Andrew’s five favorite “new” ocean blogs

Several years ago, the ocean blogosphere experienced a moment which can only be described as a Great Convergence. Numerous popular independent blogs, either seeking refuge from The Event, looking for a broader audience, or undergoing life transitions that made it impossible to maintain the high volume of new content, merged under the aegis of the Southern Fried Science/Deep Sea News aegis. For a while, the ocean blogosphere felt empty, with few giants roaming the internet depths (once one-man shows, Craig McClain now shares Deep Sea News with 8 current writers, the addition of Michelle Jewell brings Southern Fried Science up to 11). For a while the mighty Sea Monster filled the void, but they have slowed in recent months.

I miss the days when we had to check a dozen links each morning for the latest and greatest in ocean science writing. Fortunately, as often happens when ecologic niches are left empty, new species emerge to fill them. There is a new crop of excellent ocean blogs rising up from the deep. Here are five of my favorite new* ocean blogs that you should already be reading.


Launched September 2013, oceanbites is the sister site of the wildly popular astrobites. Hosted by a massive list of excellent graduate student and post-doc authors, this blog takes the latest and greatest from the marine science literature and breaks it down into appealing, accessible bites of ocean science. The consistent flow of content means there’s always something new on the frontpage and their engaging style means that you’re guaranteed to be both informed and entertained.

UNder the C

And the winner of the best college-themed ocean pun goes to University of North Carolina-based UNder the C, who, though their blue color scheme is a bit too light for my taste, has been posting excellent marine science articles since October, 2013. Another graduate student led team blog, these five practicing scientists take the time to dive deep into ocean issues and the broader state of science, communication, and outreach. And, of course, the heart of a great ocean blog is humor. Humor and puns.

Saltwater Science

Another team led blog, with a healthy mix of grad student, faculty, and (currently emeritus) post-doc. Saltwater Science kicked off in May 2013 by answer one question that had been bugging me for years, Do whales get decompression sickness? Since then, this trio has produced exceptional articles ranging from marine mammal physiology to ocean conservation to erosion and runoff. Their style is a bit denser than other blogs on the list, but no less engaging.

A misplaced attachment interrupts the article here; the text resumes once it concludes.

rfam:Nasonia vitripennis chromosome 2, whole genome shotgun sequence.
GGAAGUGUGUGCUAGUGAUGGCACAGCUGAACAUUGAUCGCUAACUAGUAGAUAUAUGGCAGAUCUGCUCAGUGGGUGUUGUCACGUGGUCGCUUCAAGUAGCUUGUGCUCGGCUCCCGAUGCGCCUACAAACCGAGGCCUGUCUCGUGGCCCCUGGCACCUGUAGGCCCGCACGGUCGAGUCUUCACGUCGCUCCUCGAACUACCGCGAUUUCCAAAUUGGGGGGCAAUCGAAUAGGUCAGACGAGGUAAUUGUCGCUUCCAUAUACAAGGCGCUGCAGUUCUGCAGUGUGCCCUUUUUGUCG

A blog to save the Earth

Though sporadically updated, this blog by marine conservation firebrand and director of MCI Elliot Norse is a trove of excellent ocean writing from both a personal and professional perspective. It doesn’t hurt that Norse also has a wicked sense of humor.

The Drop-In at Moss Landing Marine Lab

To be fair, the Drop-In has been around for years, but this Moss Landing-run blog continuously features new voices in the marine science and outreach world, drawn from a pool of their own masters students. The Drop-In is easily one of the best places to go to find out the latest in west Coast research, direct from the source. It’s been in my RSS reader for years and it never goes stale.

Back in the day, most of the ocean blogs were single-person productions–Oysters Garter; Malaria, Bed Bugs, Sea Lice, and Sunsets, Blogfish, even SFS was, at its inception, just me. It’s great to see so many new a vibrant teams building their sites together. One of the hardest things to do in blog is keep the content flowing, a task nearly impossible when you’re writing alone.

Feel free to use the comment thread to mention your favorite newish ocean blogs or, if you write one, take a minute to introduce yourself.

*Loosely defined as ocean blogs that are less than 2 years old, or have recent writers.


  1. Antony Adler · December 9, 2014

    Since you invited introductions… let me introduce you to the Commission for the History of Oceanography blog (i’m one of the writers):; and also the blog of one of my colleagues, Dr. Samantha Muka: Both are marine science focused with a historical twist.

  2. jocks2014Jock Serong · December 9, 2014

    Hi Andrew,

    Over here in Australia, (or is that “down here in Australia”? I never quite know), we’re publishing Great Ocean Quarterly, which is mostly a print product but also a blog ( and Twitter/Insta feeds. We reckon we’re the world’s only art, literature, science and photography journal devoted entirely to the sea. We love running material from all over the world and we welcome contributions. Check us out!

    Jock Serong, editor, GOQ.

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